The mocking laughter of Leroux came back to me in faint and far-away reply.
I saw the explanation of the man’s presence now. He must have met Duchaine that morning as the old man was flying or wandering aimlessly along the tunnel. They had reached le Vieil Ange together, and Leroux had probably had little difficulty in inducing the witless old man to take him back into the secret hiding-place.
It was lucky that we had not been there when Leroux discovered it. We must have crossed the ledge only a moment or two before them.
I hastened back to Jacqueline, and encountered her in the passage just where the light and darkness blended, standing with arms stretched out against the wall to steady herself; and in her eyes was that look which tells a man more surely than anything, I think, can, that a woman loves him.
“Oh, I thought you were dead!” she sobbed and fell into my arms.
I held her tightly to support her, and I led her back to the gold cave. In a few words I explained what had occurred.
“Now, Jacqueline, you must let me guide you,” I said. “Don’t you see that there is no chance for us unless we leave your father for the present where he is and make our own escape? We can reach Pere Antoine’s cabin soon after midday, and we can tell him your father is a prisoner here. He would not come with us, Jacqueline, even if he were here.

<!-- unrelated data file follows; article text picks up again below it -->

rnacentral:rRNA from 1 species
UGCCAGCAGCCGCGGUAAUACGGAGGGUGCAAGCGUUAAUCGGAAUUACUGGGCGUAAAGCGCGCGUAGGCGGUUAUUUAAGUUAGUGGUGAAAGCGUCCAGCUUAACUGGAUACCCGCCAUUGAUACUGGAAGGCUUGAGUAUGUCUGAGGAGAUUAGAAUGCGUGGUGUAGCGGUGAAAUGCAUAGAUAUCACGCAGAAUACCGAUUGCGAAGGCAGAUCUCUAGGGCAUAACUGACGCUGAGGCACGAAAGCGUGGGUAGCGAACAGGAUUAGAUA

“And if he did, he might escape us on the way and wander back into the tunnels again. Leroux has no cause to harm him. Surely you see that, dear? He needs him—he needs his signature to the deed which is to give him your father’s share of the seigniory. Just as he wants you, Jacqueline. And he shall never have you, dear. So I shall not let you go back, or he would get you in the end. Unless——”
I stopped. But she knew what I had thought.
“Unless I kill myself,” she answered wildly. “That is the best way out, Paul! I am fated to bring nothing but evil upon every one with whom I come in contact. Ah, leave me, Paul, and let me meet my fate, and save yourself!”
Again I pleaded, and she did not respond. It was the safety of us two, and her father’s life assured, against a miserable fate for her, and I knew not what for me, though I thought Leroux would give me little shrift once I was in his power again.
She was so silent that I thought I had convinced her. I urged her to her feet. But suddenly I heard a stealthy footfall close at hand, between the cave and the cataract.
I thought it was Charles Duchaine. I hoped it was Leroux. I placed my finger on Jacqueline’s lips and crept stealthily to the passage, revolver in hand.
Then, in the gloom, I saw the villainous face of Jean Petitjean looking into mine, twelve paces away, and in his hand was a revolver, too.
We fired together. But the surprize spoiled his aim, for his bullet whistled past me. I think my shot struck him somewhere, for he uttered a yell and began running back along the tunnel as hard as he could.